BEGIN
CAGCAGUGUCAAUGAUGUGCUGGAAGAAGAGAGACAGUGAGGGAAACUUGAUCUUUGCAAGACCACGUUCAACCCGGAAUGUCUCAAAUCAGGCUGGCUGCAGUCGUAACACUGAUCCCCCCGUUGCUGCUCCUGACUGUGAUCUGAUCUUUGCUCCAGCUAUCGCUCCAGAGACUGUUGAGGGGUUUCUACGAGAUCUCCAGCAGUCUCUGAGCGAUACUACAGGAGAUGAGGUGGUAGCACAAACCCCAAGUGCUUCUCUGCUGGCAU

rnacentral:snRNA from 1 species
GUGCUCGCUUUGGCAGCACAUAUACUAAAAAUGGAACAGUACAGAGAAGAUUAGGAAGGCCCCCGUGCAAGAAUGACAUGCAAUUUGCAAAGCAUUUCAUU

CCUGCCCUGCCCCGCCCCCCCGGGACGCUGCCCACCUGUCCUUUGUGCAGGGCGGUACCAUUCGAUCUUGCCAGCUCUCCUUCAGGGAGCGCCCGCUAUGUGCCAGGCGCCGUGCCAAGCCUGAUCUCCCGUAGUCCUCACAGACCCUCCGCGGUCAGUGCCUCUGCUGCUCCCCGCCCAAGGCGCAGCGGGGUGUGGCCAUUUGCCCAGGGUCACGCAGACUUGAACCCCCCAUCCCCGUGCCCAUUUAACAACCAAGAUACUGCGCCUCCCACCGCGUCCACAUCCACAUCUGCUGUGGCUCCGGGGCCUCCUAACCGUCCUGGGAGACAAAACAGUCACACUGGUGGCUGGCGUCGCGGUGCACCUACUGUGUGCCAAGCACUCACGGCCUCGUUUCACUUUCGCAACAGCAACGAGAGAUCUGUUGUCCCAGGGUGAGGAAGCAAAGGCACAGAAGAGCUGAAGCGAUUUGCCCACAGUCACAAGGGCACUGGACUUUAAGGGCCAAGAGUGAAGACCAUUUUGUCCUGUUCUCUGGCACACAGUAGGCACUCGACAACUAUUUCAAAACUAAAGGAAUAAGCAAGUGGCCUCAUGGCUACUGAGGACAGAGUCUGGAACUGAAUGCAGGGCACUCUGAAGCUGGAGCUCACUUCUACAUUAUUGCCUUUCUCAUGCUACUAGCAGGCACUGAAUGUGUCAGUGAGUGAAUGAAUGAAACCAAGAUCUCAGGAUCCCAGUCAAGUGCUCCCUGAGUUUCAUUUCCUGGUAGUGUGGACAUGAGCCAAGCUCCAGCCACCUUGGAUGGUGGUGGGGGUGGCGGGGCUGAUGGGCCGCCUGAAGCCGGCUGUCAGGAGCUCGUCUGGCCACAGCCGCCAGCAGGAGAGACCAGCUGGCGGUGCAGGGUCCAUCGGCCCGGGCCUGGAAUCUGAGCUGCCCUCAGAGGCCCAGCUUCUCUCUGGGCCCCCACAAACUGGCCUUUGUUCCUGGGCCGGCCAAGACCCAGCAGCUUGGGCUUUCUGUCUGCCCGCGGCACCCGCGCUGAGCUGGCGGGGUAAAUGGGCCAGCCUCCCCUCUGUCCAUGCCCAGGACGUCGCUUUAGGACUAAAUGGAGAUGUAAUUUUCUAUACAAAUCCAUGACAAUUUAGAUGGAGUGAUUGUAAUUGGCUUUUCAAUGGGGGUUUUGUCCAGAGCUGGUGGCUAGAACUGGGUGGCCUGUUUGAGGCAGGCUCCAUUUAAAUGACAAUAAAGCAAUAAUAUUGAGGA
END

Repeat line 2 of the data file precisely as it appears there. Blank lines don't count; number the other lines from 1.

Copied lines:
rnacentral:snRNA from 1 species